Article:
In earlier program examples we have often converted text to
lowercase before doing anything with its words, e.g.,
set(w.lower() for w in text). By using
lower(), we have normalized the text to lowercase so that the
distinction between The and
the is ignored. Often we want to go further than
this and strip off any affixes, a task known as stemming. A further step
is to make sure that the resulting form is a known word in a dictionary,
a task known as lemmatization. We discuss each of these in turn. First,
we need to define the data we will use in this section:
>>> raw = """DENNIS: Listen, strange women lying in ponds distributing swords ... is no basis for a system of government. Supreme executive power derives from ... a mandate from the masses, not from some farcical aquatic ceremony.""" >>> tokens = nltk.word_tokenize(raw)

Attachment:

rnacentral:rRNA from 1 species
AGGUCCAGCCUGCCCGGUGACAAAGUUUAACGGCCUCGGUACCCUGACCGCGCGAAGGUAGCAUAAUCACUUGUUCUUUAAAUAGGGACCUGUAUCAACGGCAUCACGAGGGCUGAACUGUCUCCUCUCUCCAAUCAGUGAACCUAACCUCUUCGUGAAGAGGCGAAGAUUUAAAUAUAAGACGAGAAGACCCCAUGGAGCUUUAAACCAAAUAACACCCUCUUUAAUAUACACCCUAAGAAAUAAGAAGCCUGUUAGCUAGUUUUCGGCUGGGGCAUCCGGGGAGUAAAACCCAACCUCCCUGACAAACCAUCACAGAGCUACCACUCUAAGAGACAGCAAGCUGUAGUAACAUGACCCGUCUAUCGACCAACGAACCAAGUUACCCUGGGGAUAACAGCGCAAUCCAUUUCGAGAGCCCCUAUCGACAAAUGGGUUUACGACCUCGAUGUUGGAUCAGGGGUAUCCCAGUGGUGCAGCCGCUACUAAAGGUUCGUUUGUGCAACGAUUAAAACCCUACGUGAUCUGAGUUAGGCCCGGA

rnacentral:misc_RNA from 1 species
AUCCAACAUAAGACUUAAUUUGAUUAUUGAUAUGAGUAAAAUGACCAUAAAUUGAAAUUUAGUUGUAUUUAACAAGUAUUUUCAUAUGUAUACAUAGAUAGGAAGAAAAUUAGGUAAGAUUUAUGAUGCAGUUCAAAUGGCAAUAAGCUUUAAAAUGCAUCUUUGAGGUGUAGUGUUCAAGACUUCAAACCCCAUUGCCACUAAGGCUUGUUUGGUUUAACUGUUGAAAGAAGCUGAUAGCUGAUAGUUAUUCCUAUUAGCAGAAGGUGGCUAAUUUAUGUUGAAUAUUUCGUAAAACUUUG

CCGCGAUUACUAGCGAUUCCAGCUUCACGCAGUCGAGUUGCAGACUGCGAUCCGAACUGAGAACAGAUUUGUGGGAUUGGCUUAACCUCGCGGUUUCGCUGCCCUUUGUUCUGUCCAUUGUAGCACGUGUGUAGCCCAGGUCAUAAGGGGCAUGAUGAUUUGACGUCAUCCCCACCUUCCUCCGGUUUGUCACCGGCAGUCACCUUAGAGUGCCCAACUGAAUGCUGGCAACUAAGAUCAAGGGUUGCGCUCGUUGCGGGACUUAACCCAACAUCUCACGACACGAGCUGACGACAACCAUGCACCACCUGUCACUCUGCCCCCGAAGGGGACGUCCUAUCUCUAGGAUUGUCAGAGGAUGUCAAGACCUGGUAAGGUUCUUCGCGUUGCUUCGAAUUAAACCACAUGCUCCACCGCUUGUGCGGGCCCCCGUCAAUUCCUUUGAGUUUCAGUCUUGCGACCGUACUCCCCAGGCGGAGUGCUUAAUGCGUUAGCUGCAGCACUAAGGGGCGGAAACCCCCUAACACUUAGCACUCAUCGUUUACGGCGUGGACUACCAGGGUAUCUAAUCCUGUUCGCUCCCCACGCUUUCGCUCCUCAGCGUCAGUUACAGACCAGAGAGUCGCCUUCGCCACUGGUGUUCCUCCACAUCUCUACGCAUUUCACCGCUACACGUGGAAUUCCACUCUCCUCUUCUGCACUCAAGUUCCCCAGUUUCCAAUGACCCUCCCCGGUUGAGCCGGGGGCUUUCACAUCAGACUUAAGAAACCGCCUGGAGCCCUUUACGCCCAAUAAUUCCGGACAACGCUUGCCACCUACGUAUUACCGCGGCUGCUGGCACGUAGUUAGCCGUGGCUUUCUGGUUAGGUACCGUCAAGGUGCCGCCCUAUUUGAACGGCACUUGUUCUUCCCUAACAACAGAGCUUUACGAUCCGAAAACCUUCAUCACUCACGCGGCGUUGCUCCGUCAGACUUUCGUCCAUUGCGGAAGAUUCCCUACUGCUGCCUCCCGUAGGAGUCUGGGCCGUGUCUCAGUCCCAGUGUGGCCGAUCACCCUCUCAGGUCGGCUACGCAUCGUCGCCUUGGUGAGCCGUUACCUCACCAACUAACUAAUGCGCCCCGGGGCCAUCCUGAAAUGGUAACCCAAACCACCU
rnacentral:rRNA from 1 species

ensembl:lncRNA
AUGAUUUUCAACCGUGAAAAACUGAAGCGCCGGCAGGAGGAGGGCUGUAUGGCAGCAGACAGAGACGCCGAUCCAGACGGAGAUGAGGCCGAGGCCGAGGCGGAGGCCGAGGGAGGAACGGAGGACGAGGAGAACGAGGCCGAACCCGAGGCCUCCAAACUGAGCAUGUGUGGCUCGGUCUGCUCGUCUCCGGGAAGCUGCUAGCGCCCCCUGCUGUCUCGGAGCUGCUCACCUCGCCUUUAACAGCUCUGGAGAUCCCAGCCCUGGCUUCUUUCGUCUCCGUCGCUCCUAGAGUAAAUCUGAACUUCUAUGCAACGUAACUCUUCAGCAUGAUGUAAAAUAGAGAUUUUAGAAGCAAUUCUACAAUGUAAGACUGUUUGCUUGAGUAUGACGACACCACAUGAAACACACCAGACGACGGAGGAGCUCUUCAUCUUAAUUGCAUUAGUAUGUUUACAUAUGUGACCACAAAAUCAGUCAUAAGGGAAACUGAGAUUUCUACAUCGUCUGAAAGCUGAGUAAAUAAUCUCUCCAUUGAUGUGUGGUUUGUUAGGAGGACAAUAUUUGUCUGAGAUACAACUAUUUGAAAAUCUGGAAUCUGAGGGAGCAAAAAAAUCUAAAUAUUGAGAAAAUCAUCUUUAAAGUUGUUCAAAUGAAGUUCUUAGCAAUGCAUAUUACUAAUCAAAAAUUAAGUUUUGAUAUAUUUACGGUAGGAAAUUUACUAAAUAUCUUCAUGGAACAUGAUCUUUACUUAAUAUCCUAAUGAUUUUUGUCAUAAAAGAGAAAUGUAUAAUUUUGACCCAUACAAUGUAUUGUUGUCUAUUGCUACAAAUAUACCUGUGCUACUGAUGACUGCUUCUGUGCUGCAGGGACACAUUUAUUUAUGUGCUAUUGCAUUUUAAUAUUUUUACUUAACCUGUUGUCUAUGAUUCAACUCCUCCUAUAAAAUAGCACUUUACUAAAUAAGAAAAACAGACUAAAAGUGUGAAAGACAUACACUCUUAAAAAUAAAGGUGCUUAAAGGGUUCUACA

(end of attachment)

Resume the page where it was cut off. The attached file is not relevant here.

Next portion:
NLTK includes several off-the-shelf stemmers, and if you ever need a stemmer, you should use one of these in preference to crafting your own using regular expressions, since NLTK’s stemmers handle a wide range of irregular cases. The Porter and Lancaster stemmers follow their own rules for stripping affixes. Observe that the Porter stemmer correctly handles the word lying (mapping it to lie), whereas the Lancaster stemmer does not.
>>> porter = nltk.PorterStemmer() >>> lancaster = nltk.LancasterStemmer() >>> [porter.stem(t) for t in tokens] ['DENNI', ':', 'Listen', ',', 'strang', 'women', 'lie', 'in', 'pond', 'distribut', 'sword', 'is', ...